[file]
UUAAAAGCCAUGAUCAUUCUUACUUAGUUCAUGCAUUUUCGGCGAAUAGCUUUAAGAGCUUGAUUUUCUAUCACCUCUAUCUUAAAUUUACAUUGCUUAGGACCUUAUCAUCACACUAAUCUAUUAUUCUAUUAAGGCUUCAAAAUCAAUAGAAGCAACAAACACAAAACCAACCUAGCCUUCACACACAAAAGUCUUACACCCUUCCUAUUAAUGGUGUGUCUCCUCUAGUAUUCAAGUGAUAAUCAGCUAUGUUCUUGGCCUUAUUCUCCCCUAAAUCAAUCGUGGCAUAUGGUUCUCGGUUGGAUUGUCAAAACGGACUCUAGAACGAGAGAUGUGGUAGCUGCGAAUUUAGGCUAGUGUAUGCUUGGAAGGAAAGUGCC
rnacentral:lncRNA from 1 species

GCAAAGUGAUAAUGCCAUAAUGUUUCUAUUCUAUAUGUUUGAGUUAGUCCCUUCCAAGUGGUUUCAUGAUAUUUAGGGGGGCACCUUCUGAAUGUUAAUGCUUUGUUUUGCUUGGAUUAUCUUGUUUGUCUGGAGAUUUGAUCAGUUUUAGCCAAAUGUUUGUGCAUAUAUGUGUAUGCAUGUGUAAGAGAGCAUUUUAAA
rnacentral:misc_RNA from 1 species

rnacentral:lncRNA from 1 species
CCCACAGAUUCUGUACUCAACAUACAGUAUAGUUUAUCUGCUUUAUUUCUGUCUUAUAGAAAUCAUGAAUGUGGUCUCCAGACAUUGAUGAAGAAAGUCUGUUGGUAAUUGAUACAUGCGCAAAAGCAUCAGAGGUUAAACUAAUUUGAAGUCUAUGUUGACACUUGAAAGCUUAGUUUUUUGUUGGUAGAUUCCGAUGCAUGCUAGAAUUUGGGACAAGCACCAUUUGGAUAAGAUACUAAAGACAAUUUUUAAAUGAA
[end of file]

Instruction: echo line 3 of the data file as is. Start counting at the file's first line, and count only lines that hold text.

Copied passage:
GCAAAGUGAUAAUGCCAUAAUGUUUCUAUUCUAUAUGUUUGAGUUAGUCCCUUCCAAGUGGUUUCAUGAUAUUUAGGGGGGCACCUUCUGAAUGUUAAUGCUUUGUUUUGCUUGGAUUAUCUUGUUUGUCUGGAGAUUUGAUCAGUUUUAGCCAAAUGUUUGUGCAUAUAUGUGUAUGCAUGUGUAAGAGAGCAUUUUAAA